3rd telco player needs P10-B net worth
The Department of Information and Communications Technology (DICT) issued on Monday the draft guidelines it would use to select a “new major telco player” that would break the duopoly of PLDT Inc. and Globe Telecom and hopefully improve internet services to the public.
Already, at least two potential participants—NOW Telecom and G.Telecoms—indicated that the terms of reference appeared fair and that they would need to engage with their various partners.
The terms were contained in a joint memorandum circular from the DICT, the Department of Finance, the National Telecommunications Commission and the National Security Council.
Key requirements were a valid congressional franchise, valid until at least Dec. 31, 2023, to install and operate nationwide telecommunications facilities and services.
Participants should have a net worth of at least P10 billion, or provide proof they could raise this amount, and should be at least 60 percent Filipino-owned. Moreover, they should not be a “related party” to any group with at least 40 percent market share in the mobile and broadband wireless segments. So far, that definition covers PLDT and Globe.
Consortiums should have at least one partner with expertise and experience operating a telecommunications network and no liabilities to the NTC.
Potential groups are vying for the government’s store of valuable radio frequencies, which a third telco can use to launch mobile services such as text messaging, calls and internet-powered apps, where demand is growing the fastest.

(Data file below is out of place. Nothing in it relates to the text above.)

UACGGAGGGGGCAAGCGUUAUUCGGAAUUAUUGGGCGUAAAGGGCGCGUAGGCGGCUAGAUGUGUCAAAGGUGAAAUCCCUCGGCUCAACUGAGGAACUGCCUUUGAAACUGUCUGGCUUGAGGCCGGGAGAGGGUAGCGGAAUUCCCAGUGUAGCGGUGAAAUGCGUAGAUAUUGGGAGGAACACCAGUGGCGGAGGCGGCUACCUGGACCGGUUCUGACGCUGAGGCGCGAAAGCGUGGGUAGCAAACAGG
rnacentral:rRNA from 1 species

Available to a third player were frequencies in the 700 Megahertz (MHz), 850 MHz, 2100 MHz, 2010 MHz, 2.5 gigahertz (GHz), 3.3 GHz, 3.5 GHz and 10.5 GHz bands.
These would allow a third player to launch 3G, 4G and eventual 5G services—although none in the 2G segment since these were fully allocated to PLDT and Globe.
Acting Secretary Eliseo Rio Jr. of the DICT said the rules would be refined further during a stakeholders’ meeting on Feb. 27 this year.
He said in an interview Monday that the tentative bid deadline was set on May 18, 2018, to attract more bidders as potential participants sought extra time.
Rio said President Duterte did not object to the extension of the initial March 2018 deadline.
The DICT said the winning bidder would be selected based on the “highest calculated and responsive bid.” This was defined as the net present value of committed investment for five years plus the net book value of existing telco facilities, in case this applied.
In addition, a new telco player would be barred from merging with a company with a market share of at least 40 percent. The penalty is the “automatic” return of all assigned radio frequencies.
DICT wants a new major telco to roll out commercial services within 12 months of being awarded. Moreover, the new player should cover at least 80 percent of provincial capital cities, towns and chartered cities within five years of receiving its award.
NOW Corp. CEO Mel Velarde said the company wanted to review the terms “thoroughly” with its foreign partners and lenders.
Sundance Apolinario, chief information officer of G.Telecom, said the requirements were “doable.”
A performance bond of half a percent of the total committed investment was set. This will be prorated on an annual basis. Failure to spend the specific amount for the year would cause the new player to forfeit the bond for that period.
The DICT estimated that a new player could spend anywhere from P150 billion to P300 billion in its first five years.
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